"In case you ever wondered what it's like to be knocked out, it's like waking up from a nightmare only to discover it wasn't a dream." -Forrest Griffin

#432172 - 04/23/11 01:21 PM Re: Mixing the Arts [Re: MattJ]
Kimo2007 Offline

Registered: 03/31/07
Posts: 1057
Since I am 43, I guess it's my turn!

Look those kids before me don't know anything, just wet behind the ears! I'd take them over my knee and beat some since into them, except I have can't pick them up because of a back back and my knees don't really bend very well anymore, and I probably couldn't catch them because of my torn Achilles I got from an injured hip that I didn't rehab correctly after hurting it attempting to sweep during a Judo tournament:)

OK, so it sucks to get older and you are going to have you aches and pains...but I think what is really important is your approach to injury at an early age and beyond.

Most of these guys I am guessing came up it the tough it out push through it mindset of our generation in all sports not just MA. The truth is physical toughness is no match for mental ignorance, and most of us would be far better off today if we had known more about injury and bio-mechanics early on and trained more intelligently.

Personally, I would love to see every instructor have to be certified in some sports medicine course, so they could provide proper training and deal with injury much more effectively. (But that is just dream) So all we can do is work locally and teach the younger people what we learned by doing it the wrong way.

As to the OP about mixing the arts, I think it's essential to get out from under your roof and experience other arts. Not to the degree where you never become truly proficient in any one area, but enough so that you don't become bogged down by any one way of doing things. There are few places that teach truly rounded fighters, they almost always have a dominant area even if they work on others.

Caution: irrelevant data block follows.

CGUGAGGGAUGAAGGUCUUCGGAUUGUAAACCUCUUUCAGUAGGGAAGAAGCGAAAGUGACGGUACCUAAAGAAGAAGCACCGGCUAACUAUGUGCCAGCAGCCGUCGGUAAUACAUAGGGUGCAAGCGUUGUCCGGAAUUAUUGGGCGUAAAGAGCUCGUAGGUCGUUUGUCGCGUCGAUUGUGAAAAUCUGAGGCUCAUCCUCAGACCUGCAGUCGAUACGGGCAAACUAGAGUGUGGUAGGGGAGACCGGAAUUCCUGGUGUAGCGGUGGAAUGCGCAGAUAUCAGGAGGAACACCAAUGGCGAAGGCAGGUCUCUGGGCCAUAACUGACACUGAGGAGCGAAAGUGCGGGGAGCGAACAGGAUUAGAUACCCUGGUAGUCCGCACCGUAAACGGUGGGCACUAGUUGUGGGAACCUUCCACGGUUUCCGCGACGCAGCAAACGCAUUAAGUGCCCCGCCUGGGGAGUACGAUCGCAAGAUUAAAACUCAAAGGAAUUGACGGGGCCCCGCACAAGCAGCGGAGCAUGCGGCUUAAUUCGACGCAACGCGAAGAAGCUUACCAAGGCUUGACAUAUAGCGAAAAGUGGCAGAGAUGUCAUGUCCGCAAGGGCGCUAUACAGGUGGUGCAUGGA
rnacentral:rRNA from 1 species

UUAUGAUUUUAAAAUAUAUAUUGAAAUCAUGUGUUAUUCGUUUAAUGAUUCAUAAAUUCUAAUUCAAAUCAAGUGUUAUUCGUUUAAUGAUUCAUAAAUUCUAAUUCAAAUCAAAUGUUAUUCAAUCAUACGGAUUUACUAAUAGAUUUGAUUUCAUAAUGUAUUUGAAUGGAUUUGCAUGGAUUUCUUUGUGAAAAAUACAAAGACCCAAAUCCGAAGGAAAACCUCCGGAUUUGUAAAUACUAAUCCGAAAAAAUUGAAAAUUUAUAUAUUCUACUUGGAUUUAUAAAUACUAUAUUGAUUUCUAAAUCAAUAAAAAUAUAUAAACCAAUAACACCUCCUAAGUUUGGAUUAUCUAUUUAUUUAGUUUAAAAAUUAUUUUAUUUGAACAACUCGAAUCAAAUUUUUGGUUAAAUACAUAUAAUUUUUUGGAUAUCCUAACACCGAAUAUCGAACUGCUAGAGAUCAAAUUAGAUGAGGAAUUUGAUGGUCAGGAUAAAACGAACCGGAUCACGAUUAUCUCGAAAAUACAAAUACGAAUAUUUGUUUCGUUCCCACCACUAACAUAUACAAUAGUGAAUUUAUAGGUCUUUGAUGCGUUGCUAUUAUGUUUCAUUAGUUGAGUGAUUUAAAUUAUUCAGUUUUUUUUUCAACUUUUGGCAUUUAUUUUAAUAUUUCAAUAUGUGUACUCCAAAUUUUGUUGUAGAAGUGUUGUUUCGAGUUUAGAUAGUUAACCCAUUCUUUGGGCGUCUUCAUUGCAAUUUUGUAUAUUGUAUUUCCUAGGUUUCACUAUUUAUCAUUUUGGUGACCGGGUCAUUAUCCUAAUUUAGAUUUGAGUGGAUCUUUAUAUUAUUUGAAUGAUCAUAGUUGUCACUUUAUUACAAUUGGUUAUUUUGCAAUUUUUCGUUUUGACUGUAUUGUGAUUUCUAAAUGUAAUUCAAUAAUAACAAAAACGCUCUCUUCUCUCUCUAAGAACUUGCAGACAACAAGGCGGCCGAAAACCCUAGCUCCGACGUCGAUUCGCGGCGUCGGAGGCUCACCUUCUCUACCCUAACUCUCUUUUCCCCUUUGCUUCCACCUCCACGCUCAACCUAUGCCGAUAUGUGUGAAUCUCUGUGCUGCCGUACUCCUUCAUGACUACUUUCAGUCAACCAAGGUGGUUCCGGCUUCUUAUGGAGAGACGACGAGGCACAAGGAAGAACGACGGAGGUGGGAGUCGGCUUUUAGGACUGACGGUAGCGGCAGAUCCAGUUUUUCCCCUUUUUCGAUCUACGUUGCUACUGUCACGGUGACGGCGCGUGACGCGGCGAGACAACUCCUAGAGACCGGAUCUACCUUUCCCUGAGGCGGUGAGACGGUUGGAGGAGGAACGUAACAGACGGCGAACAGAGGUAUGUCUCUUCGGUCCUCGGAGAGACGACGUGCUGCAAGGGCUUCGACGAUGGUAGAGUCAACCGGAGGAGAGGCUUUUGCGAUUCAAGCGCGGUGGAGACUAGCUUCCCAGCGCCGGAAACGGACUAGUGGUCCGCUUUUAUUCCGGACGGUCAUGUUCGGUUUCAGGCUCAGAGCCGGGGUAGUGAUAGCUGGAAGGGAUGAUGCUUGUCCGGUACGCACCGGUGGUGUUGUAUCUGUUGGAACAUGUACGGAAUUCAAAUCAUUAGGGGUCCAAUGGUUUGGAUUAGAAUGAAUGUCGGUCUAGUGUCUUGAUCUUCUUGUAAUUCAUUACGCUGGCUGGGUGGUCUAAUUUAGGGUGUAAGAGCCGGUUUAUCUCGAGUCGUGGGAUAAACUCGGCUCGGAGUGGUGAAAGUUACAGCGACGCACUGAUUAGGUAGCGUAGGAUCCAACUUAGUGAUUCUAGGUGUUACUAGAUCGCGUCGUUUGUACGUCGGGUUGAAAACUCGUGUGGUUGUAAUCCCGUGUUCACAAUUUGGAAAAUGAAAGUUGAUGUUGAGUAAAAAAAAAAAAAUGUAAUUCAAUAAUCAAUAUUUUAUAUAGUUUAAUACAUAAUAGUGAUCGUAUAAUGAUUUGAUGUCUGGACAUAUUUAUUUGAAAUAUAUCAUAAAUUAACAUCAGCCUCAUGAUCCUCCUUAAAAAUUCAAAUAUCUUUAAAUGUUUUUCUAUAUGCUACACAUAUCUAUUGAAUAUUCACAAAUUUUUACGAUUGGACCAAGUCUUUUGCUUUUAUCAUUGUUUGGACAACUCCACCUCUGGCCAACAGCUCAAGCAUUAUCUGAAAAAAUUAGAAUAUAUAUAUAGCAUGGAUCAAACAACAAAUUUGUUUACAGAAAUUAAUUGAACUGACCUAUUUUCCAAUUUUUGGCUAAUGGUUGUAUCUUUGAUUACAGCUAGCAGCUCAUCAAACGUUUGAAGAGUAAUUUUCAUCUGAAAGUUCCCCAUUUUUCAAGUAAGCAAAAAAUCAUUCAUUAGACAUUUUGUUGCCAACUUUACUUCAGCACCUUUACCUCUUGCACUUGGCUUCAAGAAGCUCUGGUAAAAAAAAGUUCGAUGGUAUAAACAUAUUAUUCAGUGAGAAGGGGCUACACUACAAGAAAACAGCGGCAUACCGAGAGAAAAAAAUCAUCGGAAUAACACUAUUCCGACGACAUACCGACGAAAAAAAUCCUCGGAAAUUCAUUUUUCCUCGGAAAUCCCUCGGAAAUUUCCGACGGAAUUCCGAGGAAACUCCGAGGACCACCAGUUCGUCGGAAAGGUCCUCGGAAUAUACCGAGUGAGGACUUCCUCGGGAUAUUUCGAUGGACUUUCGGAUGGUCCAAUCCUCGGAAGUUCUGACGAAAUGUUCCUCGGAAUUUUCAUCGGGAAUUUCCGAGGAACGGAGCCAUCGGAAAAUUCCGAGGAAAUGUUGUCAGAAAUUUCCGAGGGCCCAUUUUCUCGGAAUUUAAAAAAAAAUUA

Plus there is still a good reason to study different approaches to the same end goal. TMA vs. Boxing in terms of striking. Judo/BJJ/Wrestling are all different as they are similar. The list goes on and on.

The flip side of course is you want to settle on less in the long term. You won't become any good with a little bit of a lot, you will become good with a lot of a little bit. IMO
Undefeated in all of Asia!

#432220 - 04/29/11 09:37 PM Re: Mixing the Arts [Re: TaekwonDoFan]
47MartialMan Offline

Registered: 11/17/04
Posts: 180
Originally Posted By: TaekwonDoFan
I think all martial arts are mixed, because nothing develops in a vacuum.

Be that as it may, if you want to fight for competition, then you have to ask yourself what sort of competition. If it's a WTF competition, then MMA techniques won't work, because WTF rules are very specific on the points that will be awarded.

I think you should get your black belt first, finish one style, and then mix and match as you see fit.

A agree. People need to stop jumping on a popularity bandwagon

#432258 - 05/01/11 05:30 PM Re: Mixing the Arts [Re: MattJ]
trevek Offline
Professional Poster

Registered: 05/15/05
Posts: 3337
Loc: Poland
Originally Posted By: MattJ
Agreed with that timeline, fileboy. I'm 42 (training since I was 15), and didn't really have too many problems until I was about 39 or so. It does add up. Mixing the arts is fine, but just try to be careful with the intensity. Don't over do it!

In Poland you have to pass a sports trainer's course in whichever disciplines you are teaching. It includes knwledge of anatomy etc. Otherwise, you can't teach.
See how well I block your punches with my jaw!!

Supporting everyone saying "nuts to cancer"

Page 2 of 2 < 1 2

Action Ads
1.5 Million Plus Page Views
Only $89

Ryukyu Art
Artifacts from the Ryukyu Kingdom missing since WWII. Visit www.ShisaLion.Org to view pictures

Best Stun Guns
Self Defense Products-stun guns, pepper spray, tasers and more

Surveillance 4U
Complete surveillance systems for covert operations or secure installation security

Asylum Images
Book presents photo tour of the Trans-Allegany Lunatic Asylum. A must if you're going to take a ghost tour!


Unbreakable Unbrella

krav maga